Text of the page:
BB001249.jpg

BRITISH WOOL TWEED

When the Romans invaded in 55BC, the Britons already had a developed wool industry. By the 8th century, woollen fabrics were being shipped to the continent, quickly becoming Britain’s biggest export. British wool is coarser quality wool which makes it hard wearing; it should not be regarded as inferior to fine wool, merely different and ideal for stylish outerwear.


cavalry-twill.jpg

CAVALRY TWILL

A smooth surfaced twill fabric with a clean steep prominent double twill effect. Traditionally a fine wool worsted fabric, or combination of worsted warp and woollen weft, it was used for hardwearing clothes such as riding breeches – hence the association with British Cavalry officers.


Chanel Tweed

COUTURE TWEED

Coco Chanel is credited with bringing tweed to high fashion. In 1926 she introduced a tweed version of her signature cardigan jacket containing a mixture of fibres to give it a textured appearance. Chanel tweed suits of the 1950’s were the uniform of elite high society women all over the world.


donegal-resized.jpg

DONEGAL

Donegal Tweed is a generic term for loose Irish tweed of speckled appearance. Famous for its warmth and durability, its name is taken from the county of Donegal in Ireland. Woven from woollen spun yarns, it is characterised by its plain weave structure composed of uneven slub yarns contrasting with the ground colour. Kilcarra Donegal yarn is the only genuine Donegal yarn still spun in Ireland.


Double-Cloth-Ladies1.jpg

DOUBLE CLOTH

Double cloth is a compound woven structure in which two or more sets of warps and one or more sets of wefts are interlaced to form a two layer cloth. Double cloth fabrics have two right sides and no ‘wrong side’; contemporary designers use true double cloth to make self-lined or reversible coats and jackets.


487759987

GEOMETRIC

Closely linked to the British music taste of the time, the mod look of the 1960s popularised the simple geometric shapes that became so typical of the decade. Heals, Hull Traders and Conran Fabrics all bought patterns from young freelance designers who took their inspiration from art and graphics of Andy Warhol’s Pop images and the Op Art paintings of Bridget Riley.


Hacking Jacket

HACKING JACKET

The Hacking jacket evolved from the riding coats worn since the 18th century by country folk and which caught the attention of the country loving English aristocracy. The hacking jacket is an accentuated version of a sports jacket, with a snugger fit and tighter waist; its traits are as truly British as can be.


134360348

HUNTING PINK

Not pink but scarlet. Originally all hunting rights belonged to the king and those taking part often wore the King’s livery, which was often scarlet. The tradition has lived on in riding coats everywhere. The origins of “pink” are not clear; theories of the colour of a weathered scarlet coat or the name of a famous tailor are often sited.


99t/38/huty/13778/02

MOHAIR

Mohair, from the Angora goat, is one of the oldest fibres in use, and is notable for its high lustre and sheen. In about 1820, raw mohair was first exported to England, which then became the leading manufacturer of mohair products. Yorkshire mills spun yarn that was exported to Russia, Germany & Austria as well as being woven directly into cloth in Yorkshire.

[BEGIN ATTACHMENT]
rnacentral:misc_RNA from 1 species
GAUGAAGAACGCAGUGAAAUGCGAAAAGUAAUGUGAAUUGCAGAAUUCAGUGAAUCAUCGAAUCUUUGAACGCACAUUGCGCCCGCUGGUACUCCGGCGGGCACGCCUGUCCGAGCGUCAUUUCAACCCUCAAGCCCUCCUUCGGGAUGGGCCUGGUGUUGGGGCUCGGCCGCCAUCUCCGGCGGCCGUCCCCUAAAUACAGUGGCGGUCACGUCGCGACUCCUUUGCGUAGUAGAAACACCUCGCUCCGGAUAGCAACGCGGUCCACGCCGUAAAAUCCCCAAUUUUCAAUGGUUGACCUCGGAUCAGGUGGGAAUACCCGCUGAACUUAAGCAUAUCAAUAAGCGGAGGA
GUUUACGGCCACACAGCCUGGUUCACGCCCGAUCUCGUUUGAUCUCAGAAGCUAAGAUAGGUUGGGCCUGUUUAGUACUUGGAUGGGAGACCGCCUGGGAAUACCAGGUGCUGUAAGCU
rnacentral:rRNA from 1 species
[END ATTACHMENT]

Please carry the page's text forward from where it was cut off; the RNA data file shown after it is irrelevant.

152691022

PEA COAT

A Pea Coat is an outer coat of heavy wool, originally worn by sailors of European, and then later, American navies. Pea coats are characterised by broad lapels, double breasted fronts and often large wooden or metal buttons. They have vertical or slash pockets, with modern renditions still maintaining these original design features.


Shetland-Ladies.jpg

SHETLAND

The Shetland Sheep are the smallest of their species and are believed to have evolved from north European sheep brought to the island by the Vikings. Historically Shetland Wool is long stapled with some softer undercoat, with the coarser fibres of the topcoat lending themselves to intricate colour melanges. Today the term is used for tweeds similar to Harris Tweed but with a softer handle.


57520297

STRETCH

Elastane is a synthetic fibre known for its exceptional elasticity. Invented in 1937, but not commercialised as a fibre until 1959, it revolutionised the clothing industry by enabling garments to not only fit well, but make them more comfortable to wear as they flexed with the movement of the body.


120427139

TARTAN

Tartans are colourful check designs adopted in Scotland as means of identification by various Highland clans as well as families and sects under their protection. Tartan cloth is woollen or worsted in twill weave. The traditional garment is the pleated kilt, but it is also now used for trousers, shawls, scarves and fashion garments.


Trouser-Suit1.jpg

TROUSER SUIT

The Trouser Suit was introduced in the 1920s, when a small number of women adopted a more masculine fashion style, including trousers, hats and even canes and monocles. In the early 1960s, French designer, Andre Courreges introduced slim tapering trousers for women as a fashion item, promoting them for everyday and smart wear.


HQ6298-001

TWEED COAT

The word “tweed” is an English variant of the Scottish word “Tweel” which refers to a rough unfinished hand woven fabric. The name became associated with the Tweed River which forms part of the boundary between England and Scotland. The name became a general term for all carded “homespun” wool whether it was Scotch, Irish, Donegal, Cheviot or Harris Tweed.


UTILITY CLOTHING

During wartime, fashion was largely determined by necessity and availability; fabric manufacturers, like Moon, concentrated mainly on war-related textiles, with wool being in demand for manufacturing uniforms. The Utility Scheme was introduced making sure goods were produced at reasonable prices and high standards, whilst also meeting the restrictions on raw materials.